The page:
Overlooked Licenses of the NES Era

Just about anything could become a game on the Nintendo Entertainment System. By the early 1990s the NES dominated the console market, and every remotely popular film or TV show was a ripe prospect, from Star Wars and Duck Tales to older, stranger choices like Fester’s Quest and The Adventures of Gilligan’s Island. Of course, such games made no secret of these licenses, their covers and box copy proclaiming their ties to Gremlins 2 or Wheel of Fortune or Hudson Hawk.

Yet you’ll also find my favorite vein of licensed NES games: the ones based on things so obscure that most of us weren’t aware of them. We assumed we were playing games just as original as Super Mario Bros. or Ninja Gaiden, and we didn’t learn the truth behind the licenses until years down the road.

(Nintendo, 1989)
Nintendo seldom bothered with games drawn from movies or TV shows. There was no point, not when Mario was bigger than Mickey Mouse by 1989. Granted, they could’ve licensed nearly anything; countless companies would’ve been eager to have the most powerful force in video games backing a tie-in for a movie or comic or TV series. And so, with the wide vista of the entertainment industry pretty much theirs for the taking, Nintendo apparently chose…an obscure 1950s cartoon mascot called Barker Bill.

Barker Bill’s Cartoon Show was a collection of black-and-white shorts hosted by a mustachioed ringmaster, and it’s remembered mostly for pioneering afternoon cartoons for children from 1953 to 1955. Barker Bill had a TV show and a short-lived comic strip, but his star fell a good three decades before the NES even launched in North America.

Nintendo didn’t put their best squad on Barker Bill’s Trick Shooting, but it’s not a terrible game. Bill and his assistant Trixie (who appears to be invented just for the NES) are pleasantly animated hosts of a gallery of targets, and the title screen even has them stage a trick shot and then run for their lives when the logo crashes down. There’s also a dog that pops up throughout the levels, snickering at missed shots and cementing the game as a spiritual follow-up to Duck Hunt.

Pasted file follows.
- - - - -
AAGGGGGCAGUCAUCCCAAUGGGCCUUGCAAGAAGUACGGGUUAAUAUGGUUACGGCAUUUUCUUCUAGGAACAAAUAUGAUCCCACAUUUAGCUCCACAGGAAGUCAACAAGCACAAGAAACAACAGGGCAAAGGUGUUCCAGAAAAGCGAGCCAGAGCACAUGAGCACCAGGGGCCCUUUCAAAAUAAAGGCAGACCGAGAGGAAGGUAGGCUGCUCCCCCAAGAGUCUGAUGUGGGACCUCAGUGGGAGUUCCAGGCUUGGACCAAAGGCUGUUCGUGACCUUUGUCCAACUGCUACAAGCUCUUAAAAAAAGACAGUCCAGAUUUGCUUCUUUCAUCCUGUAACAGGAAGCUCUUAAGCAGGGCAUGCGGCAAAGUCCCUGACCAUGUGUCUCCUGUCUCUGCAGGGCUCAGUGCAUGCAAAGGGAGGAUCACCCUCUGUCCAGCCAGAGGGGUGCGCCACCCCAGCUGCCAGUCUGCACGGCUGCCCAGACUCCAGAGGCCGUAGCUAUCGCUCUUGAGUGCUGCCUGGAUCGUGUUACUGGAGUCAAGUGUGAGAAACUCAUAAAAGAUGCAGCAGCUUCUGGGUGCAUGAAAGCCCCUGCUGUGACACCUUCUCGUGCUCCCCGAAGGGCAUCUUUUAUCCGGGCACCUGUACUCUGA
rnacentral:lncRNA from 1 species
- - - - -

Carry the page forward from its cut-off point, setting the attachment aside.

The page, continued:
Barker Bill’s Trick Shooting is obscure even among NES games designed to use the Zapper light-gun, and it leaves behind a mystery. Why did Nintendo license Barker Bill of all things? Was it a childhood favorite of someone high up in the company’s American branch? Was Barker Bill one of those TV shows with an unexpectedly huge following in Japan, like Hanna-Barbera’s Wacky Races? Barker Bill was never released in Japan, so I’d guess not.

Or was Barker Bill’s Trick Shooting not even a licensed game at all? Only Nintendo’s copyright appears on the game’s box and title screen, inviting speculation that Nintendo just invented this particular Barker Bill by convergent evolution and that no one cared enough to mount a lawsuit. Or perhaps Barker Bill was in the public domain by the 1980s and no one cared enough to fight Nintendo over him.

(Capcom, 1990)
Games based on anime and manga often disguised themselves in North America. True, you’d see Vic Tokai’s original Golgo 13 game pushing the manga openly, while Electro Brain’s Puss ‘N Boots informed you right on the box that its protagonist Pero was “an original character of Toei Animation.” Yet other games lost all anime trappings: Gegege no Kitaro became Ninja Kid, Obake no Q-Taro became Chubby Cherub, and Dragon Ball became Dragon Power all under Bandai’s watch.

With Destiny of an Emperor, however, Capcom disguised nothing and still slipped a manga property past unwary NES owners of the day.

Astute manga fans might have recognized the signs of a licensed game in Destiny of an Emperor: the title screen has copyrights for Hiroshi Mototmiya and Shueisha, as it’s based on Motomiya’s Tenchi wo Kurau manga. The character portraits and cutscenes also show a distinct style beyond what you’d typically see in an NES game with no manga connections.